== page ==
BATTERING victim's perspective (female)
A woman of 33 calls. She is the mother of three children, the oldest is 13. She is clearly a battered wife and has been so from the beginning of her marriage some 14 years ago. At times, her husband's assaults have resulted in her needing to go to the hospital emergency room. Six months ago, he broke her arm and she is just recently out of a cast. Each time, he has promised to reform and seems genuinely sorry for what he's done. But his rages continue and he has never sought help in order to gain better self control. Her mother knows of the abuse but indicates that putting up with a husband's anger is a part of a wife's duty. She also reminds her daughter that he has always provided steady financial support for her and the three children and where would she be without that? In many ways, this woman has adjusted to her lot in life, making excuses for herself and for her husband. She is timid and frightened, trying to do all within her power to avoid her husband's murderous rages. She calls now because her 13 year old daughter's entrance into adolescence is making her the target for her husband's rages. Up until now, he has left the children alone but in the last two weeks he has begin to beat the daughter up. She is unwilling to have her daughter experience the same beatings as she has endured.
AGING AND ALZHEIMER'S DISEASE (male)
A man in his 70s who calls because his wife has developed Alzheimer's Diseases and is deteriorating severely. His story is really a description of the wife's symptomatology. Her short term memory is gone, she cannot find words to say what she means, she is suspicious and irritable, she refuses to wash and can wear the same clothes for weeks at a time, she wanders the house at night, becomes disoriented many times and can no longer do anything around the house. He is beginning to think that she is also losing bowel and bladder control. It has been a good marriage and the two have been very close especially since his retirement. His two sons live out of state and he has protected them from knowledge of their mother's decline. It is all becoming too much for him although that feeling fills him with a sense of guilt and failure. The woman he loved and has spent close to 50 years with is now a stranger to him; it is as if she died some time ago leaving only a specter of the woman he remembers. He is anguished by the change, overwhelmed by the responsibility, and devastated by what the future holds.
INTER-RACIAL ISSUES (female)
A mother calls because her 19 year old daughter has just announced her plans to marry a black man. Both her daughter and her fiance are in college (He is 21) and they both plan to continue their education. From all accounts, he is from a good family. His father is a physician and his mother a professor of chemistry at a community college. The mother is a housewife and her husband works in a factory; both stopped their education when they graduated from high school and married. The mother is bright and sensitive but also the product of a blue collar background in which racial prejudice was interwoven into the fabric of her life. She has managed to avoid her own racial prejudice by avoiding situations that would evoke it. Her community is lily white and all her friends are the same color as she is. While not unsympathetic to civil rights issues, they are not very important to her nor have they affected her life. Her daughter's decision is like a bolt out of the blue. A part of her blames her "new ideas" on her continued education; something that may not be altogether necessary for women anyway. While upset herself, she is also anticipating her husband's reaction which she predicts as disastrous. She loves her daughter and her husband, feels caught and protective of them both while simultaneously having to dealing with her own misgivings about this impending marriage.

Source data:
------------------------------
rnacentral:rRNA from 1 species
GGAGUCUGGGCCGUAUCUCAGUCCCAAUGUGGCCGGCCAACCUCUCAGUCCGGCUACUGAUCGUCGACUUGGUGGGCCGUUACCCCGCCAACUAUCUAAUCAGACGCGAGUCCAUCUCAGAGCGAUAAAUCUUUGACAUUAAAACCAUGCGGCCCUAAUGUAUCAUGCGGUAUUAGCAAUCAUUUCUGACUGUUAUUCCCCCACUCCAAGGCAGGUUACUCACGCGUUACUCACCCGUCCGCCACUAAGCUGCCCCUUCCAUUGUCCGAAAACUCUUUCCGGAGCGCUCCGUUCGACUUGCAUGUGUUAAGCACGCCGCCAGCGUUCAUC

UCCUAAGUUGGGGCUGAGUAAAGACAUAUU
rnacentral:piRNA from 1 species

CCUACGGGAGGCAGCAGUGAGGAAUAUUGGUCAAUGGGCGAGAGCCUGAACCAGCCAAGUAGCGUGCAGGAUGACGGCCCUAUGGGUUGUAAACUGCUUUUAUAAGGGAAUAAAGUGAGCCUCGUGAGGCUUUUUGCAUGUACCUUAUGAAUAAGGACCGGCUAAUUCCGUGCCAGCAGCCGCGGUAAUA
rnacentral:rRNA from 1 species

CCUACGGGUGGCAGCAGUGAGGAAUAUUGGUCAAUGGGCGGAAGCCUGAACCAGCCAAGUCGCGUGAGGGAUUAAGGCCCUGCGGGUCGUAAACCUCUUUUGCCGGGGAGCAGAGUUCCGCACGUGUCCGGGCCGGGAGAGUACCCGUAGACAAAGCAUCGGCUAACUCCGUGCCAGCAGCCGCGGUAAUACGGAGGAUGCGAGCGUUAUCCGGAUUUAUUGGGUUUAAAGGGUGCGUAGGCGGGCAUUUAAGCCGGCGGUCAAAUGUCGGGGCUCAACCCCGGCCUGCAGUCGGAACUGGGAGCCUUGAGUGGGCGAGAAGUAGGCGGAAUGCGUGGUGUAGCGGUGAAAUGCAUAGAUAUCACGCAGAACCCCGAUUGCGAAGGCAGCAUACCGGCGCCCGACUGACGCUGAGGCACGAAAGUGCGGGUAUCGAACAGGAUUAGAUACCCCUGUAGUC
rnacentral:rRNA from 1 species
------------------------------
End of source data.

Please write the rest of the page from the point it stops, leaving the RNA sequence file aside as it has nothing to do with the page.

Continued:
TRAUMATIC INJURY (male)
A young man who is in the third year of medical school calls. In a laboratory accident at school, he has recently been blinded. All the specialists he has seen have made it clear that there is no hope for the return of his sight. No pressure has been placed upon him by the school, but he is feeling the need to reevaluate his whole life plan. He had planned to go into surgery upon the completion of his M.D., but that is clearly out of the question now. His friends have suggested that he could become a psychiatrist and he is aware that other blind students have pursued that specialization upon the attainment of their degree. Unfortunately, he has always loathed psychiatry, seeing it as medicine's weak sister and, in general, as a waste of time. It is not a real option for him. From the time he was a small boy, he has never thought about any career other than medicine. That was his life's goal and he pursued it assiduously. Now, what is he to do?